The visually evoked response to each display of a paradigm, as recorded by the EEG Data Acquisition and Analysis System, is then recorded in the microprocessor in a synchronized manner with the time of the display of the paradigm and then averaged together to cancel out the potentials of brain activities that are not related to the visually evoked response, thus generating, in microvolts, the potential of the visually evoked response over a period of time from immediately prior to the display of the paradigm to the time of approximately 300 milliseconds after cessation of the displayed paradigm.

The test subject is also interviewed, or in some other way, certain biographical and medical data is acquired for use in the analysis conducted in the microprocessor to determine the probability of explosive behavior. The information required is the identification on the sex of the test subject, the test subject's age, and a medical history of the test subject, including whether or not the test subject is currently taking any medications.

Next, one of three algorithms are applied to the data. The first algorithm is applicable to any test subject, irrespective of whether or not the test subject is using medication or other drugs at the time of testing. This algorithm is: ln(P[explosive])=-6.2036+0.1194*age+(-0.7567*sex) +0.1743*meds+1.0754*lnDeltaF4+0.2281*maxP100. In it: age means the test subject's age in years; sex means, in the case of a male test subject, the value of 0, and in the case of a female test subject the value of 1; meds means, in case the individual is taking medication, a value of 1, and in the case where the test subject is not taking medication, a value of 0; and lnDeltaF4 means the natural log of the absolute value, in microvolts of the Delta wave band, as taken at the electrode placement location F4 as shown in FIG. 2; and MaxP100 means the maximum positive voltage potential, in microvolts, of the visually evoked response at a time of approximately 100 milliseconds after termination of the visual display of the paradigms as averaged as previously described. It can be used to determine a probability of explosive behavior irrespective of the age, sex or medical condition of the test subject by taking eln(P[explosive]).

In the case where it is reliably determined that the test subject is not on medication, then a second algorithm can be applied to the data. The second algorithm is: ln(P[explosive])=-8.0905+0.1348*age+(-0.7848*sex)+1.4233*InDeltaF4+(-2.3854*lnAlphaF3)+2.4054*lnAlphaF4+0.2521*maxP100. The terms previously defined for the first algorithm remain the same, and in addition, lnAlpha F3 means the natural log of the absolute power of the alpha band width taken at electrode location F3; and, lnAlpha F4 means the natural log of the absolute power of the alpha band width taken at electrode location F4.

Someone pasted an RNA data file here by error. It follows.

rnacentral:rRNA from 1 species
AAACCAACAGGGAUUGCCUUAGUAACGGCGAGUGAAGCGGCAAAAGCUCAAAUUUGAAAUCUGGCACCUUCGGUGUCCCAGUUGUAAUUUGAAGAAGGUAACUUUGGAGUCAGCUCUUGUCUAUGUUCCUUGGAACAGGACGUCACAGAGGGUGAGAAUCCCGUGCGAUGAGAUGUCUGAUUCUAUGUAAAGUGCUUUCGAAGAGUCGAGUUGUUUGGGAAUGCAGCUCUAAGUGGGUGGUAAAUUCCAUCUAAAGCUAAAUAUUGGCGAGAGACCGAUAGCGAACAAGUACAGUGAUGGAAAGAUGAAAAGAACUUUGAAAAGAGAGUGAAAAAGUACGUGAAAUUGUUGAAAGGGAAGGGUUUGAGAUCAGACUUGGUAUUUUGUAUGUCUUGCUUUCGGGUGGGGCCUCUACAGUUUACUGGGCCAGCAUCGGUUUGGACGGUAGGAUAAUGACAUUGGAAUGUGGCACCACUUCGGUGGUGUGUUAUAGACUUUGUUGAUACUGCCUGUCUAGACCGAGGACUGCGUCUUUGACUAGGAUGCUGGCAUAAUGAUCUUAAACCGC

In the event that it can be reliably determined that the test subject is on medication at the time of testing, then a third algorithm may be used, as follows: ln(P[explosive])=3.6891+(-0.0211*age)+6.0591*sex+(-2.214*lnAlphaCZ)+2.3227*lnDeltaF4+2.4516*lnAlphaF4+2.1643*lnDelta02+(-3.0554*lnDeltaT6)+(-1.6841*sex*lnDelta02), with the definitions again being the same as for the first and second algorithms taken at various different electrode placements.

In each case, the probability of explosive behavior can then be determined by taking eln(P[explosive]).

BRIEF DESCRIPTION OF THE DRAWINGS

FIG. 1 is a representational schematic of the testing apparatus.

FIG. 2 is a representational map of the scalp of a person showing the location and designator for standard electrodes at standard sites in accordance with the American Electroencephalographic Society's Electrode Placement International 10-20 Standard System for measuring a person's brain waves.

FIG. 3 is a representational drawing of a checkerboard pattern/reversal paradigm used in the present invention to generate visually evoked potentials in the brain.

FIG. 4 is a graph showing the percentage of explosive individuals in relationship to the amplitude of the visually evoked potential 100 milliseconds after termination of the display of the paradigm of FIG. 2.

BEST MODE FOR CARRYING OUT INVENTION